The City of Moore has no community (or "public") tornado shelters. This is due to two factors: Overall, people face less risk by taking shelter in a reasonably-well constructed residence! There is no public building in Moore which has a suitable location for a shelter. Yes, there is less overall risk by sheltering-in-place than by going to a community shelter. The average tornado warning time is generally only 10-15 minutes. That's just not enough time for a person to receive the warning, make a conscious decision to leave their home, gather the few things needed (family, keys, etc.), lock the house, get into the car, drive to a shelter (including possibly experiencing a traffic jam of others trying to get to the same shelter!), get out of the car, and make the way into the community shelter. In this scenario, there's a far greater likelihood of getting caught in your car when the tornado strikes! And experience proves that cars are NOT the place you want to be during severe weather events! On May 3, 1999, one of the most violent tornadoes ever recorded struck central Oklahoma, including the northwest part of Moore in its path. Warning for this event was outstanding - one research survey suggests that over 95% of the people in central Oklahoma knew of the tornado and its location. While many people evacuated, many others took shelter in their homes. The vast majority of these people...in fact all but three in Moore...survived! Their homes were destroyed, but the people survived. Emergency management and weather warning professionals see this as a testiment to the tornado safety rules have been advocated for years: "In homes or small buildings, go to the basement (if available) or to an interior room on the lowest floor, such as a closet or bathroom. Wrap yourself in overcoats or blankets to protect yourself from flying debris." May 3rd was an extremely unique event weatherwise. There has never been such a strong and violent tornado ever in the recorded history of the City of Moore. Statistically, there is only about a 1-2% chance of a tornado - of any size - striking Moore on any particular day during the spring. But of all tornados that do strike us (again, not very many historically), there's only a less than 1% chance of it being as strong and violent as what we experienced on May 3rd. Put another way, there's a very small likelihood of Moore being struck by a tornado. There's an extremely smaller chance of Moore experiencing another "May 3rd" type event. If we are struck again, it will very likely be by a much less intense storm. Sheltering in your residence - assuming it is a reasonably-well constructed home - is the best option. The opinion of our emergency management severe weather professionals is that community sheltering is not only not possible in our situation, but not advisable.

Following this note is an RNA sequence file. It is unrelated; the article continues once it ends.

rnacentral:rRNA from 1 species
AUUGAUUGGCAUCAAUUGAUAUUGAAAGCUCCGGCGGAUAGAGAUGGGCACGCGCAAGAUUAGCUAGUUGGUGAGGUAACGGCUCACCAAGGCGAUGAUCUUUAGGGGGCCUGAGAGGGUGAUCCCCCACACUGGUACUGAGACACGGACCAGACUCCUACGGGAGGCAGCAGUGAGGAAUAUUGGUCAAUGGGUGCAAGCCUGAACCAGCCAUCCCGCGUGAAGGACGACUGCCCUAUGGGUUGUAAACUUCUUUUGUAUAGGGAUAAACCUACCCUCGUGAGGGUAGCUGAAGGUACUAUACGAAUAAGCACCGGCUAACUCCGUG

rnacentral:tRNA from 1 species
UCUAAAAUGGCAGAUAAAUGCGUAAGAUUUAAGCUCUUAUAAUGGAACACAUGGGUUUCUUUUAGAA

Let me add, after experiencing the "traffic jam" that ran from Houston to Dallas during the run up to Hurricane Rita, the idea of a panicked race for shelter is not an idle concern. Had that hurricane hit Houston instead of Beaumont and Lake Charles, the effects would have been devastating for those people stuck in their cars. Sometimes "shelter in place" really is the best advice.
I'm more than a wee bit disconcerted by this desire to "blame the victims," especially when the victims are politically NOK. This storm didn't strike Oklahoma because James Inhofe is a "climate denier" any more than God sent the storm to punish Oklahoma (or America in general) for its "sins." And the loss of life is terrible, but the survival rate is a tribute to the people who live in this particular harm's way, and who know how to survive these storms. These people have lost their houses, their property, in some cases their children and families; and we are going to start picking on the local government for not requiring what we think would have been adequate shelter?
Are ideas and things really that much more important than people?